Approaching the Forum

There are certain factors that come into play when one chooses to approach the consumer dispute redressal forum, such as limitation and jurisdiction.

Limitation

Every civil statute is governed by Limitation, i.e, the time period within which one must file a suit which is calculated from the moment the cause of action which entitles a consumer to file a complaint, arises for example a manufacturing defect may exist in your car, but the clock starts ticking the moment you have discovered such defect. The time period varies from statute to statute but in the case of the CPA 2019, it is 2 years from the time the cause of action arises as provided by Section 69.

It is pertinent to note that owing to the pandemic, the Supreme Court has held that the time period between 15.03.2021 and 28.02.2022 does not count towards limitation. In other words if the 2 year limitation period overlaps the above said period, then the period of limitation remaining on the 15.03.2021 would be be then counted from 01.03.2022. If your cause of action began in this period, then you are to count the period of limitation from 01.03.2022.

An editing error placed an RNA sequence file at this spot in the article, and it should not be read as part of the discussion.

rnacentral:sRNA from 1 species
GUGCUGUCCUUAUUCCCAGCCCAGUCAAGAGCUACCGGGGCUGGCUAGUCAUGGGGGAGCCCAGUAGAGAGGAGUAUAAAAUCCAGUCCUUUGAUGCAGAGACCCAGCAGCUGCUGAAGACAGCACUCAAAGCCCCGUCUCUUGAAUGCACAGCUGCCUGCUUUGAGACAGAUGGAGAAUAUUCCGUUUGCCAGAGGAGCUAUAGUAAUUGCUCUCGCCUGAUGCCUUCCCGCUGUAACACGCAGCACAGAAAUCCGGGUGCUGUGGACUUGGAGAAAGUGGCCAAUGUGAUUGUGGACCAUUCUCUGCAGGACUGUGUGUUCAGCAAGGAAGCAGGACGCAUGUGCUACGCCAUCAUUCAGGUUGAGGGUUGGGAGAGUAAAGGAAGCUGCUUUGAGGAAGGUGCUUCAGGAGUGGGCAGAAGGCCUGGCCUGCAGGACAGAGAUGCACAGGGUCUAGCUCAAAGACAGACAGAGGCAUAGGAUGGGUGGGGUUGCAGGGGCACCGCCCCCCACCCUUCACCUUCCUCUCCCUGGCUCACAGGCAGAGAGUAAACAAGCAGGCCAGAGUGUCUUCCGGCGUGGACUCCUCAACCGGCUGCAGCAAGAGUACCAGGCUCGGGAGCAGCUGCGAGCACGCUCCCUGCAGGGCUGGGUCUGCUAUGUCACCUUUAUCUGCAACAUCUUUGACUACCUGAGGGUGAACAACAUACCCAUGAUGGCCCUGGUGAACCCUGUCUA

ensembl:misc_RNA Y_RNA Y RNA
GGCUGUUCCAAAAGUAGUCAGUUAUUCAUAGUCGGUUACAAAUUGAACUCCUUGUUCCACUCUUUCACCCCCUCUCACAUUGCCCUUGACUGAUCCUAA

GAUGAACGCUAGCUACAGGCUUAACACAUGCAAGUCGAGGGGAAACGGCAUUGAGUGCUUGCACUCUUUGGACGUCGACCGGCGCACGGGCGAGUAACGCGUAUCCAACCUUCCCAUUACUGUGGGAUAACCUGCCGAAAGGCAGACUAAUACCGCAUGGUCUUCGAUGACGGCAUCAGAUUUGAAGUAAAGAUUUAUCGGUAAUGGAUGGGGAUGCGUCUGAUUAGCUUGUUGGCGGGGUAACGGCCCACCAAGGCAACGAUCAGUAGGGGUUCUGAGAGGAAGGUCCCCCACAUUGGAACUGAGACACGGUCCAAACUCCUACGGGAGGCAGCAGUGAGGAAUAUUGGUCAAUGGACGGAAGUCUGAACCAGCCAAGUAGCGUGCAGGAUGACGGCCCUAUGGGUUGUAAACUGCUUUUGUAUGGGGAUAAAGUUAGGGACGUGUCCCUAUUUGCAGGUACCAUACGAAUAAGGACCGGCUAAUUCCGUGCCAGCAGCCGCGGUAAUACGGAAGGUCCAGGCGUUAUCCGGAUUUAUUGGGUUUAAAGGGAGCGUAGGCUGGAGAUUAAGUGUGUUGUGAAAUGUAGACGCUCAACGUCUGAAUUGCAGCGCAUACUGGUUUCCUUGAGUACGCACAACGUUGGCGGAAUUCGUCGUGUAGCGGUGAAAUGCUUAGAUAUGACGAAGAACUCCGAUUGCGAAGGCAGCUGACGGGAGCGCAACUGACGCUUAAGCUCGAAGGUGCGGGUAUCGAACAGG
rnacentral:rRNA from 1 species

In re Limitiation.pdf


However, the Commissions have the power to condone delays in certain cases if the consumer satisfies them that the delay was not without reason and that there was sufficient cause. Please keep in mind that this does not mean you can take things lightly.

Jurisdiction

Now that we have determined if you are within the time limit to file There are two kinds of jurisdiction, i.e., territorial and pecuniary. Both are defined in the statute and they decide which forum has to be approached and where.

Pecuniary Jurisdiction

Depending on the value of the goods or services rendered, the forum we must approach for a remedy changes.